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Elastomer: Phenyl Methyl Vinyl Silicone (PVMQ), Low Temperature/Engine Oil Resistant, High Strength/High Tear, 55 to 65 Type “A” Hardness, For Products in Aircraft Piston Engine Oil/Low Temperature Environments

2019-10-24
CURRENT
AMS3346H
This specification covers a phenyl vinyl silicone rubber material that can be used to manufacture product in the form of sheet, strip, tubing, molded shapes, and extrusions. This specification should not be used for molded rings, compression seals, O-ring cord, and molded in place gaskets for aeronautical and aerospace applications without complete consideration of the end use prior to the selection of this material.
Standard

Age Control of Age Sensitive Elastomeric Materials

2018-04-11
CURRENT
AIR1364B
This SAE Aerospace Information Report (AIR) summarizes data and background relative to age control of specific classes of those nitrile type synthetic elastomers used in sealing devices which are resistant to petroleum base hydraulic fluids, lubricating oils, and aircraft fuels. This includes, but is not limited to, those nitrile (NBR or BUNA-N) elastomers previously covered by Section I of MIL-STD-1523.
Standard

Designing with Elastomers for use at Low Temperatures, Near or Below Glass Transition

2016-01-15
CURRENT
AIR1387D
To ensure success in design of elastomeric parts for use at low temperature, the design engineer must understand the peculiar properties of rubber materials at these temperatures. There are no static applications of rubber. The Gaussian theory of rubber elasticity demonstrates that the elastic characteristic of rubber is due to approximately 15% internal energy and the balance, 85%, is entropy change. In other words, when an elastomer is deformed, the elastomer chain network is forced to rearrange its configuration thereby storing energy through entropy change. Thermodynamically, this means that rubber elasticity is time and temperature dependent (Reference 25). The purpose of this report is to provide guidance on low temperature properties of rubber with the terminology, test methods, and mathematical models applicable to rubber, and to present some practical experience.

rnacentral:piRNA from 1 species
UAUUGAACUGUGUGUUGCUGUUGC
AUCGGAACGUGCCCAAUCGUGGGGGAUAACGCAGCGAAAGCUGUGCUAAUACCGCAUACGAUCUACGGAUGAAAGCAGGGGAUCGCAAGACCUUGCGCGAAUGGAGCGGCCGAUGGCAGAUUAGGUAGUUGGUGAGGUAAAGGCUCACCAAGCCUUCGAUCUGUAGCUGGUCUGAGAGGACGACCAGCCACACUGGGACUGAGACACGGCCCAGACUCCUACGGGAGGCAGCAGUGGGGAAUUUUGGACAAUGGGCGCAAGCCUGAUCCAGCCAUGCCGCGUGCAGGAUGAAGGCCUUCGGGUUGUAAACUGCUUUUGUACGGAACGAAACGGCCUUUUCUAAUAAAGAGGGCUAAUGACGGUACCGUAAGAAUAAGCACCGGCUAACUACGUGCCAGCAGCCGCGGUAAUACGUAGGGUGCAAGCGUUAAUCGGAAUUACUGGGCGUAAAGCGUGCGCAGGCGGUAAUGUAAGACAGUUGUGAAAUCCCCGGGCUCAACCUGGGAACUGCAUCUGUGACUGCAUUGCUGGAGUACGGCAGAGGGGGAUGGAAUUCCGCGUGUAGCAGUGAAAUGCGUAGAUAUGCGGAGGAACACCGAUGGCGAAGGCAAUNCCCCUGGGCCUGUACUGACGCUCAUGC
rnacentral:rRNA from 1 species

Standard

Insulation Blanket, Thermal-Acoustical

2011-09-23
CURRENT
AMSI7171A
This specification covers the requirements of composite blankets suitable for acoustical and thermal insulation of the walls of aircraft compartments within the temperature range of -65°F to +175°F (-54°C to +80°C).
Standard

Designing with Elastomers for Use at Low Temperatures, Near or Below Glass Transition

2003-12-30
HISTORICAL
AIR1387C
To ensure success in design of elastomeric parts for use at low temperature, the design engineer must understand the peculiar properties of rubber materials at these temperatures. There are no static applications of rubber. The Gaussian theory of rubber elasticity demonstrates that the elastic characteristic of rubber is due to approximately 15% internal energy and the balance, 85%, is entropy change. In other words, when an elastomer is deformed, the elastomer chain network is forced to rearrange its configuration thereby storing energy through entropy change. Thermodynamically, this means that rubber elasticity is time and temperature dependent (Reference 25). The purpose of this report is to provide guidance on low temperature properties of rubber with the terminology, test methods, and mathematical models applicable to rubber, and to present some practical experience.
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